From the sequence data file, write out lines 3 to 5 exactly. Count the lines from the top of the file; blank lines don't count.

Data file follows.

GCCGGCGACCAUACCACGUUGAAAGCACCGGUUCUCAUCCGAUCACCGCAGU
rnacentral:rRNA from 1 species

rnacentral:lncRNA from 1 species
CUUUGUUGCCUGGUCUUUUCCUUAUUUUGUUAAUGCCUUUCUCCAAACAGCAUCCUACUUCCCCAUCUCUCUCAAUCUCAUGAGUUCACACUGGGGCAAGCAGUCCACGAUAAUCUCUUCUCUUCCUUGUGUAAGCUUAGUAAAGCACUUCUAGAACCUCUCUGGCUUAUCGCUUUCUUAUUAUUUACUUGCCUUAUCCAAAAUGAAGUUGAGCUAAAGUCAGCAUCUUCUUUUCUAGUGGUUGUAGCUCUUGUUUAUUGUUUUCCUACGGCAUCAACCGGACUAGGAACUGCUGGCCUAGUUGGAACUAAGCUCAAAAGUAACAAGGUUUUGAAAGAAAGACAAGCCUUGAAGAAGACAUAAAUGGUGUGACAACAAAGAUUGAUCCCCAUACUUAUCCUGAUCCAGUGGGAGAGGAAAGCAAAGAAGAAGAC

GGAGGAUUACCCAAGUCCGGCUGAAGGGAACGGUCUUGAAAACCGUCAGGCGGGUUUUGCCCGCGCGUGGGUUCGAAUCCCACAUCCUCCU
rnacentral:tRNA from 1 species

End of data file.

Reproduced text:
rnacentral:lncRNA from 1 species
CUUUGUUGCCUGGUCUUUUCCUUAUUUUGUUAAUGCCUUUCUCCAAACAGCAUCCUACUUCCCCAUCUCUCUCAAUCUCAUGAGUUCACACUGGGGCAAGCAGUCCACGAUAAUCUCUUCUCUUCCUUGUGUAAGCUUAGUAAAGCACUUCUAGAACCUCUCUGGCUUAUCGCUUUCUUAUUAUUUACUUGCCUUAUCCAAAAUGAAGUUGAGCUAAAGUCAGCAUCUUCUUUUCUAGUGGUUGUAGCUCUUGUUUAUUGUUUUCCUACGGCAUCAACCGGACUAGGAACUGCUGGCCUAGUUGGAACUAAGCUCAAAAGUAACAAGGUUUUGAAAGAAAGACAAGCCUUGAAGAAGACAUAAAUGGUGUGACAACAAAGAUUGAUCCCCAUACUUAUCCUGAUCCAGUGGGAGAGGAAAGCAAAGAAGAAGAC

GGAGGAUUACCCAAGUCCGGCUGAAGGGAACGGUCUUGAAAACCGUCAGGCGGGUUUUGCCCGCGCGUGGGUUCGAAUCCCACAUCCUCCU